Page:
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The Effect of Sutures Versus Mesh in Umbilical Hernia Repair (ABSNOME)

This study has been completed.
Information provided by (Responsible Party):
Mette Willaume Christoffersen, Hvidovre University Hospital Identifier:
First received: July 4, 2012
Last updated: February 19, 2014
Last verified: February 2014

Background Mesh repair reduces the risk of reoperation for recurrence in patients with small umbilical and epigastric hernias compared with sutured repair. However, reoperation for recurrence underestimates total recurrence (reoperation or clinical) and mesh reinforcement may induce chronic pain. This study investigated the cumulated risk of recurrence after open mesh and sutured repair in small (≤2 cm) umbilical and epigastric hernias. Possible risk factors were evaluated for chronic pain and recurrence.

Methods A cohort study with questionnaire-follow-up was conducted. Patients with primary, elective, open mesh or sutured repair for a small umbilical or epigastric hernia (≤2 cm) were included. Follow-up was performed by a validated questionnaire regarding suspicion of recurrence and chronic pain (moderate or severe). Suspected recurrence qualified for clinical examination. Recurrence was defined as reoperation for recurrence or clinical recurrence. Risk factors for recurrence and chronic pain were investigated by multivariate analyses.


1 313 patients completed the questionnaire and/or clinical follow-up (83 % response rate) and follow-up time was median 40 months (range 0-66 months). The total cumulated recurrence rate 55 months after primary repair was 10 % for mesh repair and 21 % for sutured repair (P=0.001). The incidence of chronic pain was 6 % after mesh repair and 5 % after sutured repair (P = 0.711). Recurrence was the only independent risk factor for chronic pain (P<0.001).

Conclusion Mesh repair halved the long-term risk of recurrence after repair for small umbilical and epigastric hernias without increased risk of chronic pain.

Ventral Hernia Midline

Study Type: Observational
Study Design: Observational Model: Cohort
Time Perspective: Prospective
Official Title: Long Term Recurrence and Chronic Pain After Repair for Small Umbilical or Epigastric Hernias. A Regional Cohort Study.

Resource links provided by NLM:

Further study details as provided by Mette Willaume Christoffersen, Hvidovre University Hospital:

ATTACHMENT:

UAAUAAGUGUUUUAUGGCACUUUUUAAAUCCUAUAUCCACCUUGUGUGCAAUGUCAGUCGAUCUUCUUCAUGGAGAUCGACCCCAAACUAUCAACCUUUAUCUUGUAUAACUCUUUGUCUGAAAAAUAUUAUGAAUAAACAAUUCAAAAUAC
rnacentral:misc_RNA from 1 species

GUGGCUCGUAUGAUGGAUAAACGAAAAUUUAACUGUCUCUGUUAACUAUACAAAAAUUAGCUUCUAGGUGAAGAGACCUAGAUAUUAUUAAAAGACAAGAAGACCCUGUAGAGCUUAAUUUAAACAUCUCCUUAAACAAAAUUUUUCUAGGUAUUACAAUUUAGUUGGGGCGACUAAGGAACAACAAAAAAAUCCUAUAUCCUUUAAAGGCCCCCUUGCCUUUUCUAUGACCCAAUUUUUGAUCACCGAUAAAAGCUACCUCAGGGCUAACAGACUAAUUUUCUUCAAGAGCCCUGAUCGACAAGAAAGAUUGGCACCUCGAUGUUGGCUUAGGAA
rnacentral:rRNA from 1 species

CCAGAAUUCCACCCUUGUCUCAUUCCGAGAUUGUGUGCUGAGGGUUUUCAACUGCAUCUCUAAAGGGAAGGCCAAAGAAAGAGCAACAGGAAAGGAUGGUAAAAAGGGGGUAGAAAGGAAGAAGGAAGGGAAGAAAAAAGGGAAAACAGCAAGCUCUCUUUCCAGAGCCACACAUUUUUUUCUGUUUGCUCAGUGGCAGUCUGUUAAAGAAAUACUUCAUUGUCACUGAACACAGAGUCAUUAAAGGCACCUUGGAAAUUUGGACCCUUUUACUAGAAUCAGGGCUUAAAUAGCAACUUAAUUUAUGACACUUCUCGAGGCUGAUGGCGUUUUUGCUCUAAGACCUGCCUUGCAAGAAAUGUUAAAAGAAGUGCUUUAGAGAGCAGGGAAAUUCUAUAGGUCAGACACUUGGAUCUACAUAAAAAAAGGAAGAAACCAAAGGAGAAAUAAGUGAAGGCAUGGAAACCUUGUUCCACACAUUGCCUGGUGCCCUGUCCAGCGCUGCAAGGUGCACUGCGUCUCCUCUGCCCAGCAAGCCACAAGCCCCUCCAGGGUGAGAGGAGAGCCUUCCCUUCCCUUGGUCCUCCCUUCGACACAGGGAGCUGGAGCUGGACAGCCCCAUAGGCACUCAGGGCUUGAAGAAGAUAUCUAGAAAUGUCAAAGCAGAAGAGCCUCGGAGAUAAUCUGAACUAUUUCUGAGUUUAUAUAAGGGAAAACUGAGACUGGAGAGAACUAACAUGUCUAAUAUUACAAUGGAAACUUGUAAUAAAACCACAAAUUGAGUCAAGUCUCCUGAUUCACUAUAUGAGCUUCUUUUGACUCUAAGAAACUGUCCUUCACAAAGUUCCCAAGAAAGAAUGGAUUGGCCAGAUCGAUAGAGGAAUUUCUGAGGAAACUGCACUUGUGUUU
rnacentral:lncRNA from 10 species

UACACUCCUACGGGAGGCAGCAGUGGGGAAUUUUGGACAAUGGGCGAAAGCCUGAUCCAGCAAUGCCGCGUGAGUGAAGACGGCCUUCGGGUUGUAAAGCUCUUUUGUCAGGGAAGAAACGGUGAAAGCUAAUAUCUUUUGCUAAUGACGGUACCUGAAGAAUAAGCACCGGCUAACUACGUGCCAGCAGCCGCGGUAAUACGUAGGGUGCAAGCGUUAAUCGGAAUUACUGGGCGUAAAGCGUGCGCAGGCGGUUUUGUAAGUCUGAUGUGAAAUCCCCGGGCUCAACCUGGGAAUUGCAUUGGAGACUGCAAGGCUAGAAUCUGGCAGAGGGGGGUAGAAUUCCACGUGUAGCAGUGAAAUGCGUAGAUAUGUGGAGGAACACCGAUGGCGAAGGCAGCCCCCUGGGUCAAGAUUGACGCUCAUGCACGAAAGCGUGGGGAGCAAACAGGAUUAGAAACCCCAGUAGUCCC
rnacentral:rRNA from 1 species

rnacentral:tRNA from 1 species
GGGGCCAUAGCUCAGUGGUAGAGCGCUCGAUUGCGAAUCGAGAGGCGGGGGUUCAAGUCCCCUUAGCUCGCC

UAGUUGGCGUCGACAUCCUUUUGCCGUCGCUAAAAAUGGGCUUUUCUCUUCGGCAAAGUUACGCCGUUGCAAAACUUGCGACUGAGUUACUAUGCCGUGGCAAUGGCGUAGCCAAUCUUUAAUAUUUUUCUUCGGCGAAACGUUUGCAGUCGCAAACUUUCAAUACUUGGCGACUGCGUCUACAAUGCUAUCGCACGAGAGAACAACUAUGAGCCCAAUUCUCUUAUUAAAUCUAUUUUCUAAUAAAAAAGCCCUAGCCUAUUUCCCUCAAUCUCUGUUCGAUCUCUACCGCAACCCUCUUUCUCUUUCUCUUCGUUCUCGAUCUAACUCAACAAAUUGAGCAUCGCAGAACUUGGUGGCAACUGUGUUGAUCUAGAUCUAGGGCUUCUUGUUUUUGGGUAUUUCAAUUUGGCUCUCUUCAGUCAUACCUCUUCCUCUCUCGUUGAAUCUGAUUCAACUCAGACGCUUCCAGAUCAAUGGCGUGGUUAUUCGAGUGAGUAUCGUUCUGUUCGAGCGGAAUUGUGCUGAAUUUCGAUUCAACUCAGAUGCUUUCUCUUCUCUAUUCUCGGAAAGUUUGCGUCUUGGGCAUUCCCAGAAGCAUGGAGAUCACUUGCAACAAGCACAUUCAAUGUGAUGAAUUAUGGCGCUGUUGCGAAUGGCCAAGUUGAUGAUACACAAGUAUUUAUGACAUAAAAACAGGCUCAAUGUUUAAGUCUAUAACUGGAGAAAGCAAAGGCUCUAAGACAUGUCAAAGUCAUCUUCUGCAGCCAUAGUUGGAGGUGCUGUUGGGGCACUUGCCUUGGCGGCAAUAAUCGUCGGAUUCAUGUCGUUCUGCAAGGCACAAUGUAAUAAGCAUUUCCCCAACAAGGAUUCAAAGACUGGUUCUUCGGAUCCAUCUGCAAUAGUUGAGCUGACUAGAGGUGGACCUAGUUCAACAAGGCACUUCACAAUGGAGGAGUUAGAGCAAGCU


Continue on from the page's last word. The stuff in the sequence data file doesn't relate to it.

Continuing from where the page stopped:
Primary Outcome Measures:
  • recurrence (clinical or reoperation for recurrence) [ Time Frame: 3 years ]
    follow-up time will be from 3-5 years

Secondary Outcome Measures:
  • chronic pain [ Time Frame: 3-5 years after surgery ]
    patient self-registration on VRS. Moderate or severe pain is regarded as chronic pain

Other Outcome Measures:
  • risk factors for recurrence and chronic pain [ Time Frame: 3-5 yrs ]
    We identify risk factor for chronic pain and recurrence

Enrollment: 1313
Study Start Date: December 2012
Study Completion Date: October 2013
Primary Completion Date: October 2013 (Final data collection date for primary outcome measure)
umbilical hernia repair
patients having umbilical or epigastric hernia repair from 2008-2010 in Zealand


Ages Eligible for Study:   18 Years and older   (Adult, Senior)
Sexes Eligible for Study:   All
Accepts Healthy Volunteers:   No
Sampling Method:   Non-Probability Sample
Study Population
all patient having mesh or sutured repair of small (> 2 cm) umbilical or epigastric hernias in the region of Zealand from 1th of January 2008 to 31th of December 2010.

Inclusion Criteria:

  • elective open mesh or sutured repair of small umbilical or epigastric hernia repairs

Exclusion Criteria:

  • acute operation
  • operation outside region of Zealand
  • laparoscopic repair
  Contacts and Locations
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Please refer to this study by its identifier: NCT01635868

Hvidovre Hospital University of Copenhagen
Hvidovre, Denmark, 2650
Sponsors and Collaborators
Hvidovre University Hospital
Study Director: Thue Bisgaard, DMSc University Hospital of Copenhagen Hvidovre
  More Information

Responsible Party: Mette Willaume Christoffersen, MD, Hvidovre University Hospital Identifier: NCT01635868     History of Changes
Other Study ID Numbers: ABSNOME
Study First Received: July 4, 2012
Last Updated: February 19, 2014

Additional relevant MeSH terms:
Hernia, Ventral
Pathological Conditions, Anatomical
Hernia, Abdominal processed this record on May 25, 2017